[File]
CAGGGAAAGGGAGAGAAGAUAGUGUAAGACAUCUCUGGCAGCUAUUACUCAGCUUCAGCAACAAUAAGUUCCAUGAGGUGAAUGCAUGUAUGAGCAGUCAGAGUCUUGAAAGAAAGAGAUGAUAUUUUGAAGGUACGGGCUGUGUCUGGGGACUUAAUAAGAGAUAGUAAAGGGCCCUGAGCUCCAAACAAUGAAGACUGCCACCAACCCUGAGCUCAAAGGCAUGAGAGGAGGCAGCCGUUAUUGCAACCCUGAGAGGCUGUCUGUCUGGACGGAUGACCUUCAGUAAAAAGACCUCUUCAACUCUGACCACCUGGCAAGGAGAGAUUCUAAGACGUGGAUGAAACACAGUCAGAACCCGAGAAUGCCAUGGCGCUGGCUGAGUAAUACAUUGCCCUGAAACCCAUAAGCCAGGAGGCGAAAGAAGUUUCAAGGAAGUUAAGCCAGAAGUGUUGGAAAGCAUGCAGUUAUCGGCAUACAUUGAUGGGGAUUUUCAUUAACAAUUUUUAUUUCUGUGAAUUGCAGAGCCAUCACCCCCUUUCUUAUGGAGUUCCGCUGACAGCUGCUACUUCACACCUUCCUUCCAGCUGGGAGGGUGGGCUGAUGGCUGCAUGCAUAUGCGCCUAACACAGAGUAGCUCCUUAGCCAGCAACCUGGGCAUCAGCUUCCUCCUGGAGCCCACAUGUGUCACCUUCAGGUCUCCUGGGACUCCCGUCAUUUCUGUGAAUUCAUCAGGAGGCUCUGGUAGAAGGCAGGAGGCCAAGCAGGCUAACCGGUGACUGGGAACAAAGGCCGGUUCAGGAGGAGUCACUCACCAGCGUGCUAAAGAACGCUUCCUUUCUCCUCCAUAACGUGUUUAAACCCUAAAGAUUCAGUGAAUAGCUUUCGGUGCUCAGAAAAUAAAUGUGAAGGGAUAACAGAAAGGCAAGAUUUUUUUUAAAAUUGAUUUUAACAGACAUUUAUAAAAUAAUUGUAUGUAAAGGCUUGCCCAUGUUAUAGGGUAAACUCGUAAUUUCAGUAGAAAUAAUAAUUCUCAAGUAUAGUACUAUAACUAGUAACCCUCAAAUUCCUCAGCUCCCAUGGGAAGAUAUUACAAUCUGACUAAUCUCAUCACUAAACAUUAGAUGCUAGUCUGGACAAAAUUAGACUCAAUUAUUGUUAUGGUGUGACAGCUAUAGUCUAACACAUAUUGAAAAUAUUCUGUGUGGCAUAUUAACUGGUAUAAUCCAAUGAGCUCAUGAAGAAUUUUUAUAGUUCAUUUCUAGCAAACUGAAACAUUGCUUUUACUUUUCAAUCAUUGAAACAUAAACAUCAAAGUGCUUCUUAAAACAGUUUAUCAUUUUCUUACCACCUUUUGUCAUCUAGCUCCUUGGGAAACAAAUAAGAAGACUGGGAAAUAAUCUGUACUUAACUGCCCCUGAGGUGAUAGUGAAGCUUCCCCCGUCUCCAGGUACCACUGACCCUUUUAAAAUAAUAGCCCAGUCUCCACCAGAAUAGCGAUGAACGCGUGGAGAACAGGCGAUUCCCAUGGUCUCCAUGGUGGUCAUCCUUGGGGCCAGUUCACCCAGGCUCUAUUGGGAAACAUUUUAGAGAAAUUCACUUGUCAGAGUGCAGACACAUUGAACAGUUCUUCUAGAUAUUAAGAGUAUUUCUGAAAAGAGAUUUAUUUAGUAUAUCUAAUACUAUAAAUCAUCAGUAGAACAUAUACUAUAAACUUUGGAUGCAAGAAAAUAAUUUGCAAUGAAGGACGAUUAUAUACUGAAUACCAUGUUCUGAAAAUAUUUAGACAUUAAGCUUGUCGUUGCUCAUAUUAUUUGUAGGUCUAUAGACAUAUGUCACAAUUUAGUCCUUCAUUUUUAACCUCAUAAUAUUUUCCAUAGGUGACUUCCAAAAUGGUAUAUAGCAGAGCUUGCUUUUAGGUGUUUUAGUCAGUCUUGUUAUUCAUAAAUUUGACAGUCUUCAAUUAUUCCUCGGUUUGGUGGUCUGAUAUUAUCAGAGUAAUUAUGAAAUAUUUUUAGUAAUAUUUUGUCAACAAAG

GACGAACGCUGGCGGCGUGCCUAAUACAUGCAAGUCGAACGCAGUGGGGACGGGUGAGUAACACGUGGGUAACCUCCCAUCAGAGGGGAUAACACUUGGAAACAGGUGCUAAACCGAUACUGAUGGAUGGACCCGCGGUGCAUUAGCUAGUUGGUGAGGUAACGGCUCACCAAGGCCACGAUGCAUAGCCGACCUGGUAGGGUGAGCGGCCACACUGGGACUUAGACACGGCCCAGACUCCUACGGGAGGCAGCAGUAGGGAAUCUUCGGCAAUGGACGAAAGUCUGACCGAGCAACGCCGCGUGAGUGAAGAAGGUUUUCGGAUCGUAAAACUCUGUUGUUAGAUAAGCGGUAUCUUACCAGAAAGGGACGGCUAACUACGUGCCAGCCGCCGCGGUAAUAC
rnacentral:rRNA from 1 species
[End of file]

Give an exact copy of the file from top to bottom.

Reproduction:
CAGGGAAAGGGAGAGAAGAUAGUGUAAGACAUCUCUGGCAGCUAUUACUCAGCUUCAGCAACAAUAAGUUCCAUGAGGUGAAUGCAUGUAUGAGCAGUCAGAGUCUUGAAAGAAAGAGAUGAUAUUUUGAAGGUACGGGCUGUGUCUGGGGACUUAAUAAGAGAUAGUAAAGGGCCCUGAGCUCCAAACAAUGAAGACUGCCACCAACCCUGAGCUCAAAGGCAUGAGAGGAGGCAGCCGUUAUUGCAACCCUGAGAGGCUGUCUGUCUGGACGGAUGACCUUCAGUAAAAAGACCUCUUCAACUCUGACCACCUGGCAAGGAGAGAUUCUAAGACGUGGAUGAAACACAGUCAGAACCCGAGAAUGCCAUGGCGCUGGCUGAGUAAUACAUUGCCCUGAAACCCAUAAGCCAGGAGGCGAAAGAAGUUUCAAGGAAGUUAAGCCAGAAGUGUUGGAAAGCAUGCAGUUAUCGGCAUACAUUGAUGGGGAUUUUCAUUAACAAUUUUUAUUUCUGUGAAUUGCAGAGCCAUCACCCCCUUUCUUAUGGAGUUCCGCUGACAGCUGCUACUUCACACCUUCCUUCCAGCUGGGAGGGUGGGCUGAUGGCUGCAUGCAUAUGCGCCUAACACAGAGUAGCUCCUUAGCCAGCAACCUGGGCAUCAGCUUCCUCCUGGAGCCCACAUGUGUCACCUUCAGGUCUCCUGGGACUCCCGUCAUUUCUGUGAAUUCAUCAGGAGGCUCUGGUAGAAGGCAGGAGGCCAAGCAGGCUAACCGGUGACUGGGAACAAAGGCCGGUUCAGGAGGAGUCACUCACCAGCGUGCUAAAGAACGCUUCCUUUCUCCUCCAUAACGUGUUUAAACCCUAAAGAUUCAGUGAAUAGCUUUCGGUGCUCAGAAAAUAAAUGUGAAGGGAUAACAGAAAGGCAAGAUUUUUUUUAAAAUUGAUUUUAACAGACAUUUAUAAAAUAAUUGUAUGUAAAGGCUUGCCCAUGUUAUAGGGUAAACUCGUAAUUUCAGUAGAAAUAAUAAUUCUCAAGUAUAGUACUAUAACUAGUAACCCUCAAAUUCCUCAGCUCCCAUGGGAAGAUAUUACAAUCUGACUAAUCUCAUCACUAAACAUUAGAUGCUAGUCUGGACAAAAUUAGACUCAAUUAUUGUUAUGGUGUGACAGCUAUAGUCUAACACAUAUUGAAAAUAUUCUGUGUGGCAUAUUAACUGGUAUAAUCCAAUGAGCUCAUGAAGAAUUUUUAUAGUUCAUUUCUAGCAAACUGAAACAUUGCUUUUACUUUUCAAUCAUUGAAACAUAAACAUCAAAGUGCUUCUUAAAACAGUUUAUCAUUUUCUUACCACCUUUUGUCAUCUAGCUCCUUGGGAAACAAAUAAGAAGACUGGGAAAUAAUCUGUACUUAACUGCCCCUGAGGUGAUAGUGAAGCUUCCCCCGUCUCCAGGUACCACUGACCCUUUUAAAAUAAUAGCCCAGUCUCCACCAGAAUAGCGAUGAACGCGUGGAGAACAGGCGAUUCCCAUGGUCUCCAUGGUGGUCAUCCUUGGGGCCAGUUCACCCAGGCUCUAUUGGGAAACAUUUUAGAGAAAUUCACUUGUCAGAGUGCAGACACAUUGAACAGUUCUUCUAGAUAUUAAGAGUAUUUCUGAAAAGAGAUUUAUUUAGUAUAUCUAAUACUAUAAAUCAUCAGUAGAACAUAUACUAUAAACUUUGGAUGCAAGAAAAUAAUUUGCAAUGAAGGACGAUUAUAUACUGAAUACCAUGUUCUGAAAAUAUUUAGACAUUAAGCUUGUCGUUGCUCAUAUUAUUUGUAGGUCUAUAGACAUAUGUCACAAUUUAGUCCUUCAUUUUUAACCUCAUAAUAUUUUCCAUAGGUGACUUCCAAAAUGGUAUAUAGCAGAGCUUGCUUUUAGGUGUUUUAGUCAGUCUUGUUAUUCAUAAAUUUGACAGUCUUCAAUUAUUCCUCGGUUUGGUGGUCUGAUAUUAUCAGAGUAAUUAUGAAAUAUUUUUAGUAAUAUUUUGUCAACAAAG

GACGAACGCUGGCGGCGUGCCUAAUACAUGCAAGUCGAACGCAGUGGGGACGGGUGAGUAACACGUGGGUAACCUCCCAUCAGAGGGGAUAACACUUGGAAACAGGUGCUAAACCGAUACUGAUGGAUGGACCCGCGGUGCAUUAGCUAGUUGGUGAGGUAACGGCUCACCAAGGCCACGAUGCAUAGCCGACCUGGUAGGGUGAGCGGCCACACUGGGACUUAGACACGGCCCAGACUCCUACGGGAGGCAGCAGUAGGGAAUCUUCGGCAAUGGACGAAAGUCUGACCGAGCAACGCCGCGUGAGUGAAGAAGGUUUUCGGAUCGUAAAACUCUGUUGUUAGAUAAGCGGUAUCUUACCAGAAAGGGACGGCUAACUACGUGCCAGCCGCCGCGGUAAUAC
rnacentral:rRNA from 1 species